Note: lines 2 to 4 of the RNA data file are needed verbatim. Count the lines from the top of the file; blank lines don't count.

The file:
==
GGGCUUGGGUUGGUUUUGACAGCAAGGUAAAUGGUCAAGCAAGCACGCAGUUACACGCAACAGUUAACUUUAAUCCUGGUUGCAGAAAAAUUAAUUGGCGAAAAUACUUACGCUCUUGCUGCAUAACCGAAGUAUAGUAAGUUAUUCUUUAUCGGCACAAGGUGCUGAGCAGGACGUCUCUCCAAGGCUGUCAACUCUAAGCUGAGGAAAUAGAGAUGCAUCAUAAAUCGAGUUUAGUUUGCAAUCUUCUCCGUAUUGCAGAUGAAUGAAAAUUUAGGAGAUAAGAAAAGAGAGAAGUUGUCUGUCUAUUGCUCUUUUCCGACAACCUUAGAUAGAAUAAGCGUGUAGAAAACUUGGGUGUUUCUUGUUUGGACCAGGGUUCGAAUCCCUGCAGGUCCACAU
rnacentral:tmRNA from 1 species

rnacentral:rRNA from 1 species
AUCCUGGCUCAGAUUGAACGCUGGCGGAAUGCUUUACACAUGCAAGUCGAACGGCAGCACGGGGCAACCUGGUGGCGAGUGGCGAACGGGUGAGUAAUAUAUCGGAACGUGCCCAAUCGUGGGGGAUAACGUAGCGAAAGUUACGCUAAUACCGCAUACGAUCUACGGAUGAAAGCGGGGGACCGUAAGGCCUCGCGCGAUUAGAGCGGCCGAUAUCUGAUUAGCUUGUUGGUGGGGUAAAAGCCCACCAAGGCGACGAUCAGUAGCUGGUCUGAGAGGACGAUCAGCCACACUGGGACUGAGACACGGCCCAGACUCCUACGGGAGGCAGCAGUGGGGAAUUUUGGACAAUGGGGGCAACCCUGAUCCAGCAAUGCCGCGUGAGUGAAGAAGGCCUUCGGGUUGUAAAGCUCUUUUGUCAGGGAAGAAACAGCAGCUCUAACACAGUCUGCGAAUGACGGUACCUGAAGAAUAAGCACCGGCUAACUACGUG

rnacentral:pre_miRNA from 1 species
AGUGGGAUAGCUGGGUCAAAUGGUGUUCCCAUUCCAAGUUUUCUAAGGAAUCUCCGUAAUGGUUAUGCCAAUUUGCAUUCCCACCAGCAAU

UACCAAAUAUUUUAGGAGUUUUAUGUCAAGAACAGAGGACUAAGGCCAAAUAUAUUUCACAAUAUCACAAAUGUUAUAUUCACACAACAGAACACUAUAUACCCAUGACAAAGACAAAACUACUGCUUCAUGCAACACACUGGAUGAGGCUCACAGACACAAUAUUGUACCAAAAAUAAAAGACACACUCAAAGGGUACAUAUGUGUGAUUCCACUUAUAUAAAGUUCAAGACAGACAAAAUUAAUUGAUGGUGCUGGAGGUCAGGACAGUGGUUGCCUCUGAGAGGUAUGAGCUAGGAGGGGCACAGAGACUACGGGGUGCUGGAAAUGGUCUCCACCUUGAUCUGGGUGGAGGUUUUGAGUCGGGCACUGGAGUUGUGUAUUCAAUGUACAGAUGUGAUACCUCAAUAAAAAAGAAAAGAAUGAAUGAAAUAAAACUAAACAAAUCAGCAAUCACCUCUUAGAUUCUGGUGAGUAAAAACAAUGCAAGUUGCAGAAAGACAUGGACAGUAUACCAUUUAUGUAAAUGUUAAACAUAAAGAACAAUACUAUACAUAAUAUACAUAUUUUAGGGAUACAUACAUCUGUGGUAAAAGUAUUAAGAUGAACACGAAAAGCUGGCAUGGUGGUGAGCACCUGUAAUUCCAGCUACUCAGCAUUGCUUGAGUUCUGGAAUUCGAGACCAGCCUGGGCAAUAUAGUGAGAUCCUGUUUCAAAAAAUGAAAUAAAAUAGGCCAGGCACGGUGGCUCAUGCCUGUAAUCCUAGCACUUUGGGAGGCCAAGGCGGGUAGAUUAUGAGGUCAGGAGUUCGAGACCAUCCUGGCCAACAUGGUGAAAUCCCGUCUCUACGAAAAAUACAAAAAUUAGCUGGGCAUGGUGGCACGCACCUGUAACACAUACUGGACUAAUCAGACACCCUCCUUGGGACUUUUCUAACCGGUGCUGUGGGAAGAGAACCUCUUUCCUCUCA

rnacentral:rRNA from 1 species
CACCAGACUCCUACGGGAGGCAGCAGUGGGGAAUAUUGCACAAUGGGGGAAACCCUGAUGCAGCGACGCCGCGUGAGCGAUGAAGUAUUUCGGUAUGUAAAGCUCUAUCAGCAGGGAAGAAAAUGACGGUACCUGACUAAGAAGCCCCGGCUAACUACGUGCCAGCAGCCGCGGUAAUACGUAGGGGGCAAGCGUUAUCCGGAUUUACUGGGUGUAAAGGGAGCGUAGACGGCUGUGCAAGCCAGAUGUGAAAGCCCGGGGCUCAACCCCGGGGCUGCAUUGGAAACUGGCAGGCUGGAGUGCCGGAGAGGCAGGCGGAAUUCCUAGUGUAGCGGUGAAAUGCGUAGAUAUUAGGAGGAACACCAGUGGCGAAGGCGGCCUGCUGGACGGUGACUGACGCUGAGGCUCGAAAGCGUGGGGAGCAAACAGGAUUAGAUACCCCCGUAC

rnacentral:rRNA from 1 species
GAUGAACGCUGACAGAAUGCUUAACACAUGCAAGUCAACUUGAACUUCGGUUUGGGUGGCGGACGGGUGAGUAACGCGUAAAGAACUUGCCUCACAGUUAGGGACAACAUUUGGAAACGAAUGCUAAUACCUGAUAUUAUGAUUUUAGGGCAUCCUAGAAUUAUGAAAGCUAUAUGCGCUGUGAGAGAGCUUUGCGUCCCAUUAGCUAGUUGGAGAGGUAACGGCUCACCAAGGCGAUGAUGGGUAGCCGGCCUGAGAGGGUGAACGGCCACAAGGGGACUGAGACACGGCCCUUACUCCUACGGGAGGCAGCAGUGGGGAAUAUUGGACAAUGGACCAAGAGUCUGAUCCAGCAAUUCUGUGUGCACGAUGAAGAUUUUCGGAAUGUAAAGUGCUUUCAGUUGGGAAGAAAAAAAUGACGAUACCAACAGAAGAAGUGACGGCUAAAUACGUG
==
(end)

rnacentral:tmRNA from 1 species

rnacentral:rRNA from 1 species
AUCCUGGCUCAGAUUGAACGCUGGCGGAAUGCUUUACACAUGCAAGUCGAACGGCAGCACGGGGCAACCUGGUGGCGAGUGGCGAACGGGUGAGUAAUAUAUCGGAACGUGCCCAAUCGUGGGGGAUAACGUAGCGAAAGUUACGCUAAUACCGCAUACGAUCUACGGAUGAAAGCGGGGGACCGUAAGGCCUCGCGCGAUUAGAGCGGCCGAUAUCUGAUUAGCUUGUUGGUGGGGUAAAAGCCCACCAAGGCGACGAUCAGUAGCUGGUCUGAGAGGACGAUCAGCCACACUGGGACUGAGACACGGCCCAGACUCCUACGGGAGGCAGCAGUGGGGAAUUUUGGACAAUGGGGGCAACCCUGAUCCAGCAAUGCCGCGUGAGUGAAGAAGGCCUUCGGGUUGUAAAGCUCUUUUGUCAGGGAAGAAACAGCAGCUCUAACACAGUCUGCGAAUGACGGUACCUGAAGAAUAAGCACCGGCUAACUACGUG